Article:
The arch-terrorist Bin Laden had the temerity to hijack the Palestinian cause in his latest diatribe. This strategy was adopted by Saddam Hussain before resulting in heavy losses to the Palestinian cause. But even before Bin Laden latched onto this strategy, a Zogby poll among Americans showed that support for Palestinians dropped precipitously following the September 11 attack. Part of this is due to a well-planned media campaign for public opinion initiated by Israel and its supporters and estimated to cost 100 million dollars. It is not surprising then that you notice Israeli leaders everywhere commenting on terrorism, trying to equate Arafat with Bin Laden, and repeatedly referring to videos of cheering Palestinians (cheering scuds falling on Tel Aviv or the terror attack in the US).
For decades, Palestinians faced incredible odds telling their story or explaining their views even though this issue is central to the perception of the US among people in the Middle East. The brutality of Israeli occupation and colonial practices was actually beginning to be acknowledged. Jews in the US were also beginning to question Zionist ideologies and apartheid policies of the state of Israel. Ardent Israeli government supporters were beginning to go on the defensive rather than their usual offensive. Then comes Bin Laden and everything changed September 11. Is it any wonder that many Palestinians believed the spreading rumor that the Israeli intelligence was behind the attack on the US? Afterall, a frenzy of propaganda ensued to quickly take advantage and it was led by known Israeli apologists (Will, Saffire, Buckely, Friedman etc.). A whole gamut of Israeli leaders followed before the cameras as “experts” and it helped increase the rising anti-Arab and anti-Muslim sentiment in teh US. They included Barak, Netenyahu, Sharon, Peres, and many of their disciples. Those interviewing them from Larry King to Dan Rather did not bother to ask such obvious questions like:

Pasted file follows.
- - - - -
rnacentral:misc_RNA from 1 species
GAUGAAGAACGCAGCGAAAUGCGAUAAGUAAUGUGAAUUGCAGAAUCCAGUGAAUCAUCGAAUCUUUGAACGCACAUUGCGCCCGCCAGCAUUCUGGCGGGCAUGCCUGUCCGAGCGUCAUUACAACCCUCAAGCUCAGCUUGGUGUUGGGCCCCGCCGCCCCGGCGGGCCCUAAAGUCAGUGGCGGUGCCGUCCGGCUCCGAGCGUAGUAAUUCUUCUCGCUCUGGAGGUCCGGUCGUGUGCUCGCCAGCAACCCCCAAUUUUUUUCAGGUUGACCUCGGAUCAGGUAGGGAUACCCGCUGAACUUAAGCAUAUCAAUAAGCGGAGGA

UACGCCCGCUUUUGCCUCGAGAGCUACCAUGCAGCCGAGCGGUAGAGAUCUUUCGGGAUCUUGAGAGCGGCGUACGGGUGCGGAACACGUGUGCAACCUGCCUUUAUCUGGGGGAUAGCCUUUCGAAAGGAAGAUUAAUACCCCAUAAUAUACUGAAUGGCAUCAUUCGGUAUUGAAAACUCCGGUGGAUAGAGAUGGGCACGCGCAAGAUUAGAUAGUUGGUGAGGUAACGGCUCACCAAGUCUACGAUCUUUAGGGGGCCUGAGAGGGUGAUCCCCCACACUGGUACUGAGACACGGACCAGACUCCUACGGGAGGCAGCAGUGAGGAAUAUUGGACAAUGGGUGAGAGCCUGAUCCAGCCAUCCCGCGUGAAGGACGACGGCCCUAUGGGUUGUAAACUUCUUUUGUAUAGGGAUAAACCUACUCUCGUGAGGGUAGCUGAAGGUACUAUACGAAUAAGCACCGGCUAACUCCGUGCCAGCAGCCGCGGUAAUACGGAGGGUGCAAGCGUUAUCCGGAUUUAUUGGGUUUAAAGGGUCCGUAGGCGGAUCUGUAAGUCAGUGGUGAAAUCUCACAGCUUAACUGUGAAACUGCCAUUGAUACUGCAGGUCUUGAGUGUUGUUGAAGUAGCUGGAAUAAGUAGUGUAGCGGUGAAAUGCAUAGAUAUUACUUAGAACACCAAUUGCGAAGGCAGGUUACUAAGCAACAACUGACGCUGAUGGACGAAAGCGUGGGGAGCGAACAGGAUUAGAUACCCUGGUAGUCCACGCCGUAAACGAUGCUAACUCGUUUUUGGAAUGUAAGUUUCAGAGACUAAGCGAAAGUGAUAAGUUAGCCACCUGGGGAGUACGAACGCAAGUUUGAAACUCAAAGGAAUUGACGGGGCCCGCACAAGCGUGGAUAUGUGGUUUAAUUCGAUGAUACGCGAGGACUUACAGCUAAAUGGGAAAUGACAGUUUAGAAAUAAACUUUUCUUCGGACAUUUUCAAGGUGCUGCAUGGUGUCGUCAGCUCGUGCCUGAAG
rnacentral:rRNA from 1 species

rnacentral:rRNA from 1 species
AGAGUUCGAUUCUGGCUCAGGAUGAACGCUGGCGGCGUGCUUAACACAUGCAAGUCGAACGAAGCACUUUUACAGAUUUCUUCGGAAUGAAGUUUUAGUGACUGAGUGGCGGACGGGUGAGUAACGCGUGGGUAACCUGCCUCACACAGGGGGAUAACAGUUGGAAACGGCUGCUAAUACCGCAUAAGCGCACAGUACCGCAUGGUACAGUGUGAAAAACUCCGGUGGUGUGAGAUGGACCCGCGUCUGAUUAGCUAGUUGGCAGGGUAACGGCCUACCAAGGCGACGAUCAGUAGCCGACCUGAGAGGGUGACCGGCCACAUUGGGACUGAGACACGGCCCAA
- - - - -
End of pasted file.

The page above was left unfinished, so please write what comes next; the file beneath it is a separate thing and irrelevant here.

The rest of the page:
History provides good lessons. One need not go as far back as the decimation of millions of native Americans in the name of progress and Christianity, or the persecution of Indian Hindus and Budhists in the name of progress and Islam, or the more recent displacement of two thirds of the native Palestinians in the name of progress and Judaism,. Nor does one need to discuss the effect of the continuing US led sanctions that have so far killed 1 million Iraqi civilians; to which Madeline Albright stated: “we think it is worth it”. More proximately, one needs to ask questions as to why are we the ones who supported the Mujahidin (those who engage in Jihad) in Afghanistan against secular or communist forces. Why is it that no congressional investigation is now planned to explore our government’s role in creating this “menace” we call Bin Laden and the Taliban,, our role in training and arming them (in bases even in New Jersey), our role if failing to detect and thwart their plans, and then our strategy in addressing this threat via an open-ended “war on terrorism.” Afterall, asking questions about US foreign policy in the Middle East can and should be done by an enlightened society while remaining patriotic and condemning terrorism.
There are so many questions to be raised ranging from our support of the Saudi regime (a regime even more suppressive than the Taliban in its treatments of women, non-Saudis, and non-Muslims) to our contradictory support of Kurds (we support them in Northern Iraq while funding Turkey to bomb them). Who really benefits from our policies promoting militarism and propping despotic, racist, and dictatorial regimes? As the largest exporter of weapons in the world (many come back to be used against us), is the US foreign policy advancing peace? Who is being hurt by these policies and what is our long-term plans? Most of all, we should ask tough questions about how to improve the lot of the average taxpayers, how to decrease poverty around the world, how to resist racism and intolerance, and how to protect our fragile ecosystem. Those who rely on army generals, politicians, or stock analysts to give us the answers, improve our lives, or make us safe maybe sadly disappointed. It behooves each of us to seek the answers ourselves.
(Dr. Mazin B. Qumsiyeh is Chair of the Media Committee, The Palestine Right to Return Coalition)